A high brilliance X-ray generator with CCD detector for the Manchester Interdisciplinary Biocentre

Lead Research Organisation: University of Manchester
Department Name: Life Sciences


Abstracts are not currently available in GtR for all funded research. This is normally because the abstract was not required at the time of proposal submission, but may be because it included sensitive information such as personal details.

Technical Summary

The Manchester Interdisciplinary Biocentre (MIB: http:www.mib.ac.uk) is a new type of university research institute that will enable our academic community to explore key areas of interdisciplinary bioscience. It has been specifically designed to foster a scientific culture in which there are no barriers between the disciplines, thus ensuring that the widest possible range of expertise and techniques can be brought to bear on important bioscience problems. The purpose of this application is to finish the MIB with a state of the art x-ray set which is optimally configured to support the challenging structural biology research projects which will be conducted in the MIB. The MIB is purpose built to accommodate facilities for laser optics, nuclear magnetic resonance spectrometry, x-ray crystallography, electron microscopy, mass spectrometry and microfabrication, as well as electronic and mechanical workshops on the ground floor. Other floors will house further facilities, including those for biomolecular analysis, biocomputing, metabolomics, proteomics, chemical synthesis, robotics, genomics and single molecule research. Five major research themes will be pursued: (i) biocatalysis, (ii) biomolecular structure and dynamics, (iii) bioanotechnology, (iv) biophotonics and bioelectronics and (v) systems biology. In direct support of the biomolecular structure and dynamics activity the MIB will house high field NMR spectrometers, and an electron microscopy suite. X-ray crystallography facilities are needed to complete the spectrum of biophysical techniques. The structural biology community at MIB will include the crystallographers Leys, Conn, Derrick and Prince who have joint projects with Scrutton, Munro, Micklefield, Kell, McCarthy, Flitsch and Turner. The recent addition of Leys, Scrutton, Munro, Flitsch and Turner has created urgent need for the provision of a routine x-ray source in-house for MIB to provide for suitable infrastructure and support for both ongoing (BBSRC funded) and future structural biology projects. The present lack of dedicated x-ray source at MIB will seriously hamper the ongoing development and competitiveness of this highly successful grouping. The applicants have already obtained a considerable amount of BBSRC funding for several structural biology projects. An array of challenging crystallographic problems are being addressed by the applicants here including membrane protein structure, RNA structure and translation and structural enzymology. Projects here are congruent with BBSRC panel priority areas such as BIOMIS, MENZ, PROLIN, COMBIOSYS and POPMOP from the BMS committee and chemical biology, multiprotein complexes from the BCB committee. The application is also compatible with cross committee priority areas such as drug resistance and alternatives to chemotherapeutics, biophysics and bioscience engineering. The x-ray facility will allow researchers in the MIB to underpin their research with the rigour of structural biology and enhance collaboration between the various strands of structural biology giving added value, for example by addressing the structure and dynamics of large multi-protein complexes using a combination of disciplines. The research projects listed in support of our application attract synchrotron beamtime allocations (to SRS, Daresbury, ESRF Grenoble, DESY Hamburg), the availability of a user-friendly local facility will greatly increase the efficiency of usage of these allocations by bringing more routine experiments in-house and allowing the pre-screening of crystals. The present use of our synchrotron allocation time for screening of crystals is highly inefficient and likely to result in negative repercussions on future beamtime allocations. The provision of an x-ray facility for the MIB will therefore satisfy a pressing need and produce excellent value for investment over and above the substantial discount on the equipment agreed by the manufacturer.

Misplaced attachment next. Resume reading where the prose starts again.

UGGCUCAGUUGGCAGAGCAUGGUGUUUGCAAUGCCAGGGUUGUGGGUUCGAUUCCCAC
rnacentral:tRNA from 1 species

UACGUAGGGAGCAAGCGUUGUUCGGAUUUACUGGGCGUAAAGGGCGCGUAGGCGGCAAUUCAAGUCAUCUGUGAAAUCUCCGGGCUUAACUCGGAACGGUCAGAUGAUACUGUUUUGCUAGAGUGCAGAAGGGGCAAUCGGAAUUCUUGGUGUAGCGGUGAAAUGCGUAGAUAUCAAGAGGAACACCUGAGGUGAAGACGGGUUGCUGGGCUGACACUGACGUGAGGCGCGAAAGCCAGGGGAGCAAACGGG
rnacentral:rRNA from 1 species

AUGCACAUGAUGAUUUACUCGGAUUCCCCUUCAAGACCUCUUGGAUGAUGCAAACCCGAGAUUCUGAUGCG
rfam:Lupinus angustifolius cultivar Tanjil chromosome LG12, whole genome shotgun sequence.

10 25 50
publication icon
Dixon N (2010) Reengineering orthogonally selective riboswitches. in Proceedings of the National Academy of Sciences of the United States of America

publication icon
Gilbert RJ (2007) Reconfiguration of yeast 40S ribosomal subunit domains by the translation initiation multifactor complex. in Proceedings of the National Academy of Sciences of the United States of America

publication icon
Stevenson AL (2008) Found in translation: another RNA helicase function. in Molecular cell

publication icon
Tait S (2010) Local control of a disorder-order transition in 4E-BP1 underpins regulation of translation via eIF4E. in Proceedings of the National Academy of Sciences of the United States of America

Description This equipment has been used for multiple projects in the Manchester Interdisciplinary Biocentre, primarily to determine whether crystals are capable of producing good diffraction data. Crystals selected on the basis of these results have generally been taken to a synchrotron for full analysis and subsequent structure determination.
Exploitation Route To my knowledge, the equipment continues to be used as a source of preliminary diffraction data. I have not been at the MIB since 2010.
Sectors Chemicals


including Industrial Biotechology

Pharmaceuticals and Medical Biotechnology